Rehabilitation centers remain rampant in lack of effective monitoring

July 23, 2016 03:00 AM Kamal Pariyar


Rehabilitation centers remain rampant in lack of effective monitoring
KATHMANDU, July 23: The drugs treatment and rehabilitation centers mushrooming along with the increment in drug users across the country have remained rampant in lack of effective monitoring, governance and required guidelines, risking the lives of the thousands of patient.

According to Central Bureau of Statistics, the annual growth rate of illicit drug users is mounting by 11.36 percent, paving adequate grounds for operating such drug treatment and rehabilitation centers.

“The drug treatment and rehabilitation centers, which are meant for cares and cures of such illicit drugs users to reduce their use and dependence, have been rudderless due to a lack of proper government policies,” Karma Sherpa, the President of Federation of Drug Demand Reduction (FDDR), an umbrella organization of such centers, said.

Last year, Narcotic Control Branch under the Ministry of Home Affairs had begun monitoring of such centers in Kathmandu valley but unfortunately the campaign was limited to five centers only.

The ministry team, however, had diagnosed that those centers were not operated as per the Drug treatment and Rehabilitation Centers Operation Directive, 2068. Not only the layout and physical infrastructure, security measures, human resources, caring modality were found vulnerable but also were found to have created additional problems for the patients.

“During our surprise inspection in some centers in Kathmandu valley, we were astonished to see male and female drug addicts rehabilitated under the same roof,” Under Secretary Phadindra Mani Pokharel, who heads the Narcotic Control Branch at the ministry, said.

Unfortunately we could not continue inspection in other centers in lack of adequate manpower, budget, proper location and other related information; the Under Secretary Pokharel said adding.

At present there are more than 160 drug treatment and rehabilitation in Nepal, including 75 to 80 centers operated only in Kathmandu valley, according to FDDR, that affiliates over 103 centers across the country. But the numbers of those centers have been limited to 61 in government records.

The number of drugs users rehabilitating in those centers is thousands in number and apparently over 50,000 drug users have already received rehabilitation services from those centers that treats harmful use of psychoactive or addictive drugs, few of them sharing needles to inject drugs.

According to a survey carried out by FDDR in 2015, approximately 10,000 patients were treated in 20 different treatments and rehabilitation centers in Kathmandu, about 30 percent of them were people who injected drugs, few others were alcoholic.

Bishnu Sharma, an experienced campaigner against drugs use, who is now associated with Recovering Nepal, a national network of people who use Drugs & drug service organizations, expressed serious dissatisfaction over the government long-neglected approaches to address the vulnerable situation in Nepal.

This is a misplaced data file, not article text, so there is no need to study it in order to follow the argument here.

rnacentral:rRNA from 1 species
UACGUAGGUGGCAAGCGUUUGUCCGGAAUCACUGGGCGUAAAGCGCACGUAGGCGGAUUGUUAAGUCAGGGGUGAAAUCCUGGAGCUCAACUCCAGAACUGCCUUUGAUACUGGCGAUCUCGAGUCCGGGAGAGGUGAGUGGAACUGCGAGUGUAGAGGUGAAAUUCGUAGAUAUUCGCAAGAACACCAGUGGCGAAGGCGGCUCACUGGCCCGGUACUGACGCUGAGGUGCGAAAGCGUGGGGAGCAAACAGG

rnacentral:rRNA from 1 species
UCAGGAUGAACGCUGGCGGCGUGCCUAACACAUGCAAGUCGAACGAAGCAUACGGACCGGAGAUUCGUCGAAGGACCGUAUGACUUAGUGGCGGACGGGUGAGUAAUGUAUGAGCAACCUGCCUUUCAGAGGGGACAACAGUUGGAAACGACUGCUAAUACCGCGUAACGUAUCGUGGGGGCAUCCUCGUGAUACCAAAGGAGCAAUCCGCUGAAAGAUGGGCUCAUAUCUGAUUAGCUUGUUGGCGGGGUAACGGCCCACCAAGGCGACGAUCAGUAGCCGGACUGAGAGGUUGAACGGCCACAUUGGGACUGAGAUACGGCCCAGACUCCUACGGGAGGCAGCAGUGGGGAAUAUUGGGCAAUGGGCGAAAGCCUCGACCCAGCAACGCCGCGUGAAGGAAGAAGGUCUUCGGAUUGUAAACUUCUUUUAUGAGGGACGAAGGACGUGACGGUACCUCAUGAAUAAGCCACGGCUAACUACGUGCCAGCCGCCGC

“The government does not seem to have any long term plan to regulate those centers for the effective treatment and care of drug users,” Sharma said. A small branch under the ministry, cannot alone tackle growing challenges related to management of rehabilitation centers, counsel and treat drug users, the expert said and sought a special department comprising of senior authority, professionals and experts related.

The Home Ministry official Pokharel said, “It is impossible to regularly monitor or regulate all those centers unless there are amendments in policies and reshuffle the department related.”

The ministry officials also remained obstinate about the operators for most of them denied repeated attentions from the government. “Over 90 percent of those operators are former drug users and unaware about the legal frames, relations and human rights issues.”

Drug treatment and Rehabilitation Centers Operation Directive, 2068, has clear guidelines related but very few of them have followed them, Under Secretary Pokharel said.

The directive have instructed to operate such centers in at least one ropani of land with compound, peaceful environment, accommodate 30-35 people in center, security round the clock. Similarly the directive has also sought the need of hiring medical doctors or physician, psychiatrist, TU affiliated counsellor, provisions of compensation in case of casualties due to negligence among others.

Because of the proper government policies, some care and treatment centers have been charging huge amounts to the victim families and some of them even misusing government manpower and influence, the experts alleged.


Leave A Comment